Wednesday, February 24, 2016

Accurately measure the speed of (toy) cars in a track

A couple of months ago my friend Chris told me over a beer the problems he was having with accurately measuring the speed of a toy car over a track for a STEM project. At that time I was (and still am) looking for excuses to be involved in some technology fun outside of work. So not knowing much about possible sensors, I theorised with him that an Arduino could do a good job at measuring the speed rather accurately.

After some short research, I concluded that the so called beam-break sensors (i.e. a pair of sensors formed by an IR LED and an IR photo-transistor as a receiver) would probably be the best way to implement this. I also added a LCD to the mix so that the speed could be displayed straight away. The picture below roughly explains the idea.

For the demonstrator I used an Arduino UNO, a couple of beam-brake sensors for Adafruit, a cheap LCD board, a couple of breadboards and a few jumper wires. I actually didn't use the battery pack, but you can use 4 AAA rechargeable Ni-MH batteries to provide roughly the 5 volts required for the sensors, so that you don't have so pass so many wires from one side to the other side of the track.

The HW setup is rather simple. First connect the ground and power from the Arduino to the breadboard for a common bus. Connect the 4 sensors there. One sensor of each pair (the receiver) also need a digital pin so that we can tell if the beam has been broken or not.

The LCD is a bit more complicated. Apart from  power and ground, it needs 6 digital pins to work. We just need to make sure that these pins are connected to the right places in the LCD board. The pins in the LCD board that require connection are shown in the figure below, labelled as 'D7 to D4' and 'D9 & D8' . These are 6 consecutive pins starting from the 5th pin in the top-left corner (i.e. the 5th pin starting from the top-left corner is D4, the next downwards is D5, and so on). The reason why there seems to be a gap between pins D7 and D8 is because there is a gap in the physical pin of the LCD board (so it can slot on top of the Arduino pins). The A0 pin is used to drive the buttons of the board and should be connected to an analog pin in the Arduino.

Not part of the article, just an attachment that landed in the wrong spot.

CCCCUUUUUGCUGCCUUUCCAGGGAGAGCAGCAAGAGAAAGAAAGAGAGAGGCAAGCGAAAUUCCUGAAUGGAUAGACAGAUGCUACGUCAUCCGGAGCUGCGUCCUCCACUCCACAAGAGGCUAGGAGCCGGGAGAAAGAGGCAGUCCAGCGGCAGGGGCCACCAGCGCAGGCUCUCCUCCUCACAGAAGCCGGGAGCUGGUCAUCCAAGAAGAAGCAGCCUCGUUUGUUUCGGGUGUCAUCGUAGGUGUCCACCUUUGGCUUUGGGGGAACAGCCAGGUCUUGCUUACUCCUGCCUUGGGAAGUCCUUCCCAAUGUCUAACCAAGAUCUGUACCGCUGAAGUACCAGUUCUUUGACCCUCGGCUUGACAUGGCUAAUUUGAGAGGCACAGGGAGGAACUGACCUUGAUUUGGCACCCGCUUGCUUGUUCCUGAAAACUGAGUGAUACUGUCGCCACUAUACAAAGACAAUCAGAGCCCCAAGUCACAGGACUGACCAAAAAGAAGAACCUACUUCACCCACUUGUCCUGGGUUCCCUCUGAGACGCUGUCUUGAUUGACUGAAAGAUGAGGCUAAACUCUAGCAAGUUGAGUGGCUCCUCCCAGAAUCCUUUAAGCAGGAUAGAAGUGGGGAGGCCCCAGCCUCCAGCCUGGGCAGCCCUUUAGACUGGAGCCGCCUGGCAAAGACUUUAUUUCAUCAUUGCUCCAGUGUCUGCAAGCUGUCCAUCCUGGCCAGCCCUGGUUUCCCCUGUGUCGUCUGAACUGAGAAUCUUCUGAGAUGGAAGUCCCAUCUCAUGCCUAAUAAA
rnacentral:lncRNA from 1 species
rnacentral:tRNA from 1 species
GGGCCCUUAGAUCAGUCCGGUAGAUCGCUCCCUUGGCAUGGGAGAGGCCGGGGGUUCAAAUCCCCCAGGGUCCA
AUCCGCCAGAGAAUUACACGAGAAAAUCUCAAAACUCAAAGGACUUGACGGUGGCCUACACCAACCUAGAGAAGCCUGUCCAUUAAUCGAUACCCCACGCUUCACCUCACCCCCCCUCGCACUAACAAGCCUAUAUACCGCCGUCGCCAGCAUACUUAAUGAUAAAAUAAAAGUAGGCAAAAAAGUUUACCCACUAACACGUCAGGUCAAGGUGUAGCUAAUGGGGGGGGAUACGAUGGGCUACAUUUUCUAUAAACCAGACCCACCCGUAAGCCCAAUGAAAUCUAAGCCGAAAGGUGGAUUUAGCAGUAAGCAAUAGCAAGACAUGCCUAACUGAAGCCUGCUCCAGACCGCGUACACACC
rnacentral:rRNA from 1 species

In terms of SW, we need to use the LiquidCrystal library to drive the LCD, and make sure that we initialise the pins to the right ones, as connected to the Arduino.  We also need to set the digital pins of the sensors as INPUT, and turn on the internal pullup resistor to make sure the default value is HIGH, i.e. beam not broken. After setup(), in the loop section, we need to:

  • Read the status of the data pins of the beam-break sensors, to see if they have been broken or not.
  • If the were broken, record the time at which it happened (using millis()).
  • If the breaking of the beams happened in the right order, calculate the speed (for this, we obviously need to know the distance between both pairs of sensors).
  • Output our calculation to the LCD.
  • Output our calculation to the serial port (for debugging).
  • Prepare the variables to run the 'loop' section again

I won't put all the code here, so I leave it as an exercise for the reader. It is not a difficult job if you have some experience with the Arduino. I do have a full user guide which I might upload at some point. 

Happy Hacking.